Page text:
The Houston Grand Opera's revival of "Show Boat," which opened last night in the Kennedy Center Opera House, is so long on virtues that you may not notice its ultimate shortcoming until the three-hour evening is winding to a close. But notice it you will, once the curtain has fallen and you run through the pleasures that have been strewn across the stage.

In this loving and meticulous production, it is the scope of things that is impressive, the majestic swell of Jerome Kern's score and the lavishness of the stage effects. The cast approaches 50, with costumes for three times that many. In waves and clusters, they come and go. One huge set supplants another. At a time of theatrical penny-pinching, when every walk-on puts a strain on the budget, this is as close to an epic staging as we're likely to see.

And yet, impressive as it looks, the show is mainly a triumph in general terms. There is really no single performer who stands out from the scenery, no principal who calls the spectacle to a sudden halt and re- minds us that "Show Boat" is a saga of broken hearts, not just a 40-odd-year panorama of life up and down the Mississippi. Although the designers have clearly eschewed gauze for their sets, the musical nonetheless unfolds as if behind veils.

Donald O'Connor is top-billed as the plucky Cap'n Andy and the show finds a moment for him at the beginning of Act II to indulge in a little tap dancing. O'Connor may have a bit of a paunch these days, but the blue eyes still twinkle and the face, jowls and all, maintains that boyish glow. But he's more in the nature of a chipper presence, nice to have around, but not the one to galvanize the proceedings.

For that, you have to look to Gaylord Ravenal, the dashing gambler, who loves 'em and leaves 'em, or to Julie, the mulatto, who's driven off the showboat when her blood lineage comes to light. Or even to Magnolia, Cap'n Andy's sweet daughter, who falls for Ravenal, only to be deserted in a cheap flat in Chicago. They are the creatures of heartache and passion. In them resides the beauty and the pain of "Show Boat."

For those roles, this production has found some pleasant performers, pure of voice and handsome of profile. But they rarely endow this revival with anything stronger than an agreeable competency. Granted, there is an undercurrent of romance, when Ron Raines (Ravenal) and Sheryl Woods (Magnolia) first lock eyes on the Cotton Blossom. But their ensuing duet, "Only Make Believe," never escalates into passion. By the time they come to "You Are Love," the tumult should be unrestrained. It isn't.

Or take the case of Julie (Lonette McKee). The show all but hands her a shining moment. Down and out in Chicago, flirting with the bottle, she perches atop an upright piano for that haunting ballad, "Bill." Everything is going for her--the angle of the spotlight, the smoke curling up from the pianist's cigarette, the backstage ambiance--but McKee, despite a certain husky charm, doesn't ever rise to the full poignancy of the moment.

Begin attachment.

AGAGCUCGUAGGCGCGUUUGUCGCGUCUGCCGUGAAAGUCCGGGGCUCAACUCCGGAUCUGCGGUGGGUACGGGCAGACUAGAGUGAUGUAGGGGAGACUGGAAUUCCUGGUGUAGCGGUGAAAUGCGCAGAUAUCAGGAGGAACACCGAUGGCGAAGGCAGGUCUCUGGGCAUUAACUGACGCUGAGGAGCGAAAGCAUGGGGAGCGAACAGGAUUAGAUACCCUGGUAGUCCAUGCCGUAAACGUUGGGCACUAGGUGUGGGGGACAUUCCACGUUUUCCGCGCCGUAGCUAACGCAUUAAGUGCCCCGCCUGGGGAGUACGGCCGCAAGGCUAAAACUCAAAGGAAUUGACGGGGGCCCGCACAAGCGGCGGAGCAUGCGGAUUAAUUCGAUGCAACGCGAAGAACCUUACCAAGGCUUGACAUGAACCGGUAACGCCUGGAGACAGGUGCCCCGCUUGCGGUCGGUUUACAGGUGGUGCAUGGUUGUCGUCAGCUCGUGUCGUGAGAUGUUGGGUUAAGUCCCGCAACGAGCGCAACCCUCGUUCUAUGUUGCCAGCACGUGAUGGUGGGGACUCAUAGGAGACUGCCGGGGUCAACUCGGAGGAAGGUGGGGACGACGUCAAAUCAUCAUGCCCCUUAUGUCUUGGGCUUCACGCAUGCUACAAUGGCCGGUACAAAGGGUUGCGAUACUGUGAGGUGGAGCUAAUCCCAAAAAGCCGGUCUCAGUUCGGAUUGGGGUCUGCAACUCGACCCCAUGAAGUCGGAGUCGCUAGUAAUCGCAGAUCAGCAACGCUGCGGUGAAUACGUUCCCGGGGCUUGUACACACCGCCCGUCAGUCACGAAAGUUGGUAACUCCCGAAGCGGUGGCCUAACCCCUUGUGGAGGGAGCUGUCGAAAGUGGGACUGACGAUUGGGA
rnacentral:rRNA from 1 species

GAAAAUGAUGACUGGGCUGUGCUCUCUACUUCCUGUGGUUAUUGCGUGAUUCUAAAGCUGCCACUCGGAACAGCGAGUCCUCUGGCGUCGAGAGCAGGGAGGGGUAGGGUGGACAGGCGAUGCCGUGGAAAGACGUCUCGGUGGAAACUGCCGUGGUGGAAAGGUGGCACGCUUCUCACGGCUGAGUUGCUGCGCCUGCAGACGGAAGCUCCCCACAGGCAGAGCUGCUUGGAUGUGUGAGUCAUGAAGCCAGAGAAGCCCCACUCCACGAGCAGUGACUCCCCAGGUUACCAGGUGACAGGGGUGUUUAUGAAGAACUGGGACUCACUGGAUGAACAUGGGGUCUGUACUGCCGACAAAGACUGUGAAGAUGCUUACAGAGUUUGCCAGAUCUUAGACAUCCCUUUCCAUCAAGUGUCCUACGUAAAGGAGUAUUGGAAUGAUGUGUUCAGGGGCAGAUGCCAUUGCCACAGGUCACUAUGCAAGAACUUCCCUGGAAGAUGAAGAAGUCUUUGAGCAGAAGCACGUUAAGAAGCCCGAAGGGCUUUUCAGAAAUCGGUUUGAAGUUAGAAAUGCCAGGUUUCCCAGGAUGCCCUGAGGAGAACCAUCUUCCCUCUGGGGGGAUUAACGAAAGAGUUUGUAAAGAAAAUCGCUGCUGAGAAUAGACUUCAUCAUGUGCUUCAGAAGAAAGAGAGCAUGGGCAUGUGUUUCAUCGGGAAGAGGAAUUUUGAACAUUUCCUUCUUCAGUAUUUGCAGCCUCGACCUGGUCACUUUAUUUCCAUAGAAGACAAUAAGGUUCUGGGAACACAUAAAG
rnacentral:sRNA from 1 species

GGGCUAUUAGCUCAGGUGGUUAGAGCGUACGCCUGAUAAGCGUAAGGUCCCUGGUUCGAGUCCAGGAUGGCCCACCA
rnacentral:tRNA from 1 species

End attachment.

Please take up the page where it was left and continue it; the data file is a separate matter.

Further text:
You can't say that Paul Keith and Paige O'Hara are miscast as the comic song-and-dance team, but you can't say, either, that they bring down the house or even part of it with their cakewalk, "Goodby My Lady Love." In only one instance, in fact, does this "Show Boat" rise to its fabled heights and that is with Bruce Hubbard's rendition of "Old Man River." Sung with sterling sobriety and a rock-like dignity, it is the closest thing this revival has to a showstopper. It also comes very early in the first act.

As a result, this "Show Boat" scores primarily as a panorama and the performers invariably seem part of a vast unfolding freize. The book by Oscar Hammerstein II has its lurches and its potholes, but director Michael Kahn has downplayed most of them and his staging, especially in the first act, has the quality of handsome tapestry. Without forcing matters, he clearly delineates the gulf between white and black, thereby creating a distinct social context which makes a number like "Old Man River" all the more telling.

The production, as a whole, has been mounted with taste and respect, and if the length seems excessive, it is because the Houston Grand Opera has restored a scene here and a musical bridge there that tend to be amputated in more efficient productions. The whole has a certain majesterial grandeur. It's when you get down to particulars that the revival seems to lack personality. That's not to slight Karla Burns, the rotund Queenie, who has the girth to move mountains and the good nature to sweep elections. But Queenie can only do so much from the kitchen of the Cotton Blossom.

It's the lovers and wastrels on the main deck who are letting us down. Gently. Ever so gently. SHOW BOAT. Music by Jerome Kern. Book and lyrics, Oscar Hammerstein II. Directed by Michael Kahn; scenery, Helen Pond and Herbert Senn; costumes, Molly Maginnis; lighting, Tom Skelton; music director, John DeMain; choreography, Dorothy Danner. With Donald O'Connor, Lonette McKee, Ron Raines, Sheryl Woods, Karla Burns, Paul Keith, Avril Gentles, Paige O'Hara, Bruce Hubbard. At the Opera House through April 16.